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Let the Sheikh try

How Nehru put his faith behind Sheikh Abdullah to forge a solution acceptable to Kashmir,India and Pakistan

Written by Inder Malhotra |
August 23, 2010 4:55:08 am

Having written about the Hazratbal crisis in Kashmir in December 1963-January 1964,when the entire Valley seemed to be “hanging by a hair” (IE,August 9),it is necessary to carry the story forward to the phenomenal upheaval’s hugely important follow-up. Remarkably,the issue underlying the new development was uppermost in the minds of most Kashmiris even during the crisis over the missing holy relic. But no one articulated it,presumably because the agitators’ immediate demand — “asli mujrim ko pesh karo (produce the real culprit) — took precedence.

However,Lal Bahadur Shastri,with his prodigious political acumen and vast experience,had quietly concluded that without releasing Sheikh Mohammed Abdullah,Kashmir’s towering leader,from prolonged imprisonment and seeking his cooperation,it would be very difficult to stabilise the sensitive state. He was equally convinced that the “Kamaraj-ed” Bakshi Ghulam Mohammed’s nominee as his successor,Shamsuddin,must go. This was easily done. Within a month,the bumbling chief minister had made way for the much-respected G. M. Sadiq. Shastri wasn’t so sure,however,whether his colleagues in New Delhi would agree to the Sheikh’s release at that juncture,even though the state government was in full agreement with him. He need not have worried.

On his return home,when Shastri went straight to meet the prime minister,he found that Nehru’s thinking was far ahead of his. Nehru — who,having suffered a stroke,was not in the best of health — not only wanted to free Sheikh Abdullah but also to encourage him to go to Pakistan to explore the prospects of a peaceful settlement of the Kashmir question. “Let the Sheikh try”,he said.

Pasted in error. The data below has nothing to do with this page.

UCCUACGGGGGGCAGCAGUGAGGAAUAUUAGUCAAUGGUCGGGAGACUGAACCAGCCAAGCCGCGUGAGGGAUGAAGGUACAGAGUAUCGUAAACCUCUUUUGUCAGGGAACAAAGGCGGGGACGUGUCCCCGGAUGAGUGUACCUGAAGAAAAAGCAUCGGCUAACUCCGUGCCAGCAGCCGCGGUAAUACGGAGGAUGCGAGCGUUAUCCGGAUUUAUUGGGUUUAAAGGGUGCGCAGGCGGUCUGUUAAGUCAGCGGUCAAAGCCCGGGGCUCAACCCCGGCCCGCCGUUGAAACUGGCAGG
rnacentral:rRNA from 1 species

The Sheikh was first arrested in August 1953,besides being dismissed as Jammu and Kashmir’s first chief minister. By demanding immediate independence for Kashmir that had acceded to the Indian Union under his own leadership,he had left Nehru with no other option. The Sheikh’s authoritarian successor,the Bakshi,found it expedient to keep him locked up longer than necessary. Under Nehru’s pressure,however,he released Sheikh Abdullah in 1958,only to re-arrest him within a few months on the ground that his predecessor was still singing his theme song of independence for Kashmir.

This time around the Bakshi in Srinagar and the Intelligence Bureau in New Delhi launched the Kashmir conspiracy case that virtually charged the Sheikh with treason and with being in the pay of Pakistan. As elsewhere in India under similar circumstances,so in Jammu,the trial went on and on like a bad Bollywood film.

Something had to be done about this case,therefore,before the jail’s door could be opened to let Sheikh Abdullah off. Nehru called a meeting of his top advisors and told them that the time had come to withdraw the Kashmir conspiracy case. Surprisingly,he encountered strong opposition from,of all people,the intelligence czar of that era,B. N. Mullik,who usually enjoyed the prime minister’s full confidence. When Mullik claimed that he would prove the charges against the Sheikh within a few days,a visibly angry Nehru thumped the table and remarked: “You haven’t been able to do it for years. Don’t talk of days”.